There’s a widely forgotten yet blatantly obvious truth about public lands and that is primarily that they are public.
They belong as much to you as they do to me.
It’s a genius idea when you think about it, one that stems from the very fabric this country was built on, a notion that some natural resources, and I’m not talking oil or gas or coal or timber, but fundamental natural resources – mountain streams, fresh air, wild game – belong to all of us, that we should all be collectively involved in their management, and more importantly, their care.
We are their caretakers.
And doesn’t that make you feel a little better on a Monday that there’s a place you can show up to just about any time; take a walk, listen to some birds, watch some wildlife, catch some fish, hunt some elk? How wonderful it is to be part of such an innovative thought.
Sure, we could look at the flip side of the coin, talk about the woes of our collective trust of lands. But leave that for another week.
This Saturday marks National Public Lands Day. And so, this week, we celebrate.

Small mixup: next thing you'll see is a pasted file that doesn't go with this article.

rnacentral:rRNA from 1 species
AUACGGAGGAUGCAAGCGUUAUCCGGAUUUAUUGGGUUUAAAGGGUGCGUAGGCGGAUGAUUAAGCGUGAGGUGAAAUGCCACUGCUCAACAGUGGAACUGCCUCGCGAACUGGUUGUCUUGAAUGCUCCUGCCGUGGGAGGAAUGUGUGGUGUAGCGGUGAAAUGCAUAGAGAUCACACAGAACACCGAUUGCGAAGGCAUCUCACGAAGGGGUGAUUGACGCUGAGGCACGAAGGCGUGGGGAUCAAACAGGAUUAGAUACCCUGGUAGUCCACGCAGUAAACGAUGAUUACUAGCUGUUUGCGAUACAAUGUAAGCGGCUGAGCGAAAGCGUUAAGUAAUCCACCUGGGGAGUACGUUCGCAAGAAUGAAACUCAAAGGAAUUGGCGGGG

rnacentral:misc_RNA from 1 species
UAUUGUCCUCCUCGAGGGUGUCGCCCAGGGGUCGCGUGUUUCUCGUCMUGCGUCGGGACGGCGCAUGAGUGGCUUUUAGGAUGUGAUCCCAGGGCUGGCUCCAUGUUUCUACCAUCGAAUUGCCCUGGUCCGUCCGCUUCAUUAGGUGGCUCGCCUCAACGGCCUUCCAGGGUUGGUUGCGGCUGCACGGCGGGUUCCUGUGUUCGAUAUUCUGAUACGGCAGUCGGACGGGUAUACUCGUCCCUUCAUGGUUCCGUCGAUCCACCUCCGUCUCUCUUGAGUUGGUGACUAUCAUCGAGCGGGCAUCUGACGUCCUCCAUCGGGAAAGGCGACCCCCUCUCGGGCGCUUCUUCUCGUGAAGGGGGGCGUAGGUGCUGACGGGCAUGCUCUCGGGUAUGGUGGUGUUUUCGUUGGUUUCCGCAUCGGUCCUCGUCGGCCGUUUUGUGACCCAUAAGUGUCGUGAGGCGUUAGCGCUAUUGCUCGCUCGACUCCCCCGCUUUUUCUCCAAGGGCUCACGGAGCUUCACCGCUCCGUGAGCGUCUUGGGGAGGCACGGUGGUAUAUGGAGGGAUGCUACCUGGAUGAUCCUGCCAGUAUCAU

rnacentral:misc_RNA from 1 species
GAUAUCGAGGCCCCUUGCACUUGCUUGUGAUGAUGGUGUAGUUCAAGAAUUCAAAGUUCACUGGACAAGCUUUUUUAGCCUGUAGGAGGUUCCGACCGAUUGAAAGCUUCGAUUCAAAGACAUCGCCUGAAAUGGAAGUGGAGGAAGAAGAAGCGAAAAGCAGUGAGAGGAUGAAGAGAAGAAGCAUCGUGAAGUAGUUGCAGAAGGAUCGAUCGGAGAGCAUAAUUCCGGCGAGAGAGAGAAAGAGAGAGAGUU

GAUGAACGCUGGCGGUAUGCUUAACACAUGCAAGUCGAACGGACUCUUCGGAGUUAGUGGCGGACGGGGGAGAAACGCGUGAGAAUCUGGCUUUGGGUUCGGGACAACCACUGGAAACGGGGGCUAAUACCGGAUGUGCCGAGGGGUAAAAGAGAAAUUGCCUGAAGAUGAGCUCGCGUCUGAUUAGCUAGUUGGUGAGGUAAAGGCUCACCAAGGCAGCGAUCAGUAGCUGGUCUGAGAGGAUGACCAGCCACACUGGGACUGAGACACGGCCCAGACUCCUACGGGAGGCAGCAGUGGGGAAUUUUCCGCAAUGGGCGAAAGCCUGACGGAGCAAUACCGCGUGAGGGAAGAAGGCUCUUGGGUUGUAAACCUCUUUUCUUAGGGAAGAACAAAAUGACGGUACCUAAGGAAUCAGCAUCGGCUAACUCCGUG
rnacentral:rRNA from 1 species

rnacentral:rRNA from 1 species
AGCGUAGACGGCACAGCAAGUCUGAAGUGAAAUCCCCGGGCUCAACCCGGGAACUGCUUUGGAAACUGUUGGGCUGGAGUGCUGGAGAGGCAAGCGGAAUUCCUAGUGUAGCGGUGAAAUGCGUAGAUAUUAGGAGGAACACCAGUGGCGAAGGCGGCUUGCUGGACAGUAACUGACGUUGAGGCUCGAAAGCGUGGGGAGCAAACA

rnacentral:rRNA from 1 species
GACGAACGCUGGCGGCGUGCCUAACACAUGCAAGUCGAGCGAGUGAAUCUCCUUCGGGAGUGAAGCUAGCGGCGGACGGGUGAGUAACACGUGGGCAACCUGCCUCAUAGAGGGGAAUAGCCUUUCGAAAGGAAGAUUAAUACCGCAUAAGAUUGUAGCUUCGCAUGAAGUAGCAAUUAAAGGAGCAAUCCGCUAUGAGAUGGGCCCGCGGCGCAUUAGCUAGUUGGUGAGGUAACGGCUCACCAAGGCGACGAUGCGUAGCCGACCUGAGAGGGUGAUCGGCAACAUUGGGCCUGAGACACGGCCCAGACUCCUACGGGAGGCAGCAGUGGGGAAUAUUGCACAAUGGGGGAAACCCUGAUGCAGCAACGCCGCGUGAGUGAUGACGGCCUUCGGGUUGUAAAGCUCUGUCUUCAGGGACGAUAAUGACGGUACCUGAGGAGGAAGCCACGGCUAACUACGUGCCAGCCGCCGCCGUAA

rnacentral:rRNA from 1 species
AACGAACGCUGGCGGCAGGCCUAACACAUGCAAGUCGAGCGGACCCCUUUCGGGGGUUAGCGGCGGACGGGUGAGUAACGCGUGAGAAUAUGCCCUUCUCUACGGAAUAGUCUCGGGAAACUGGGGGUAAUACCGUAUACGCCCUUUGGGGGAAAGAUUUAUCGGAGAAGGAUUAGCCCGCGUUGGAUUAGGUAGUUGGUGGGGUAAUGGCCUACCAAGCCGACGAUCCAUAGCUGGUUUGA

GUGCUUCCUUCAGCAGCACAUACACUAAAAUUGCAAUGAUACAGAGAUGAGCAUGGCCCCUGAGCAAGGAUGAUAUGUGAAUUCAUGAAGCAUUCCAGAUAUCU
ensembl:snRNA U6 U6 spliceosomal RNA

What better way than to look at one of the best examples of a community finding value in public lands as they have in the Clearwater Basin of Idaho.
The Clearwater Basin is this country’s largest complex of wild lands. It’s a place any hunter or angler can find value with, however, in the Clearwater, that value extends far beyond sportsmen and women.
After years of contention, the community came together to form the Clearwater Basin Collaborative, a group made up of conservationists, industry, governmental representatives as well as social and economic interests. In short, it is a group trying to make the best decisions for the area, not just based on the fishing, or the hunting or the timber. They’re working together to find the best balance possible, something that keeps communities ticking, keeps the economy afloat and keeps hunters, hikers, horseback riders and anglers in the field. Plus all the other users.
In short, it’s not easy work. No decision is made lightly. Nor should it be when you’re dealing with land that belongs to everyone. But that’s part of the value of public lands.
Join us this week as we take a look at some more of those places – pieces of our collective notion that some things are important enough for everyone to hang on to.